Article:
GDI was also involved in the Resilience and Respect: Canada 150 & Beyond project, which delivered important and impactful cultural programming that highlighted the resilience of Indigenous peoples, cultures and languages. How do you feel about the project?
A big hand goes out to SaskCulture for listening respectfully to the groups and for taking our advice. We saw Canada 150 somewhat differently than many non-Indigenous Canadians do. We saw it as the anniversary of the formal process which legally made Canada a country. We wanted to emphasize that Indigenous peoples were here before 1867 and that we have had many disappointments and losses during this process and since. Indigenous peoples lost land, freedom, and the right to self-determination, while most non-Indigenous Canadians benefitted from the policies and practices we now recognize as colonization.
“Social justice issues have always been important to me. It is also important to me that Indigenous cultures and languages, those of the Métis, the First Nations, and the Inuit, are sustained and revitalized.” ~ Karon Shmon
What does leadership mean to you?
I believe the best leaders build capacity in others by encouraging and guiding them to their fullest potential and by removing any obstacles the leader has the influence to remove, “clearing the path” so to say. Leaders should do such a good job that when they leave, no one notices.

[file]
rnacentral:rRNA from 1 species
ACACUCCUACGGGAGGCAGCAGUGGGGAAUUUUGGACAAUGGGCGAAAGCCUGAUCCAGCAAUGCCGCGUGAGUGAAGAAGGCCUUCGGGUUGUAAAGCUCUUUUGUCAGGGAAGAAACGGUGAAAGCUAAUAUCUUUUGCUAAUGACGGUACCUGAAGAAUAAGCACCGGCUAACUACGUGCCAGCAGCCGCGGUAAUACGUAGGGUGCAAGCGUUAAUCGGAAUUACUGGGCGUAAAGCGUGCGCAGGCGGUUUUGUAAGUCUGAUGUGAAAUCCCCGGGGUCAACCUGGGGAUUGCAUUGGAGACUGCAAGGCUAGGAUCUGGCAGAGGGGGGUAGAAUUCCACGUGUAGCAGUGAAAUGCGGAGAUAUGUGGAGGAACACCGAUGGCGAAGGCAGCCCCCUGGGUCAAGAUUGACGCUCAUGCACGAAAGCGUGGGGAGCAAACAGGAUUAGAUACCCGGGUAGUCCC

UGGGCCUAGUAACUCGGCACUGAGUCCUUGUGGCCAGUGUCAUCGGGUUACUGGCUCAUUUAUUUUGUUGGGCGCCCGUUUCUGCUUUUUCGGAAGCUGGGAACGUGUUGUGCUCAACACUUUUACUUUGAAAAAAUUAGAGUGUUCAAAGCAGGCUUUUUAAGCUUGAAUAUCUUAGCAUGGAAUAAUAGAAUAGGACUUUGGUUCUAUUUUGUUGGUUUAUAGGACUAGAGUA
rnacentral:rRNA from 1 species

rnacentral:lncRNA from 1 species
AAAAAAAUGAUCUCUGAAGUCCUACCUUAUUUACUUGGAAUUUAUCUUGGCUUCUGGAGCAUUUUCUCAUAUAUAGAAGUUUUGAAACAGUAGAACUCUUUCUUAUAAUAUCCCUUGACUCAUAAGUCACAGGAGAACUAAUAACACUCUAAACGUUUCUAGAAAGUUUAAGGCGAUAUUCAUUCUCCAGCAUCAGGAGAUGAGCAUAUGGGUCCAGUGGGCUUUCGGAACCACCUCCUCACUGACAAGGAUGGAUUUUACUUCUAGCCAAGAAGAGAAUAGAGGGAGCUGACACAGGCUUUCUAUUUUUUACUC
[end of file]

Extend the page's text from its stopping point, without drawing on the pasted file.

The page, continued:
So far, has there been any challenges?
I find it challenging that the term “Indigenous” is now in vogue. I consider it a pan-Aboriginal term that doesn’t require people to use distinctions-based language. This is problematic because even among the three, officially-recognized Indigenous groups of peoples in Canada, (the Inuit, the First Nations, and the Métis), the First Nations have tremendous diversity. People are confused because we’ve gone from “Native” to “Aboriginal” to “Indigenous” and none of them are suitable except in a very specific context. Non-Indigenous Canadians are often proud of their roots. If you asked most of them if they would be satisfied being called “Non-Indigenous Canadians,” most would say, “of course not. I am a (country of origin) Canadian.”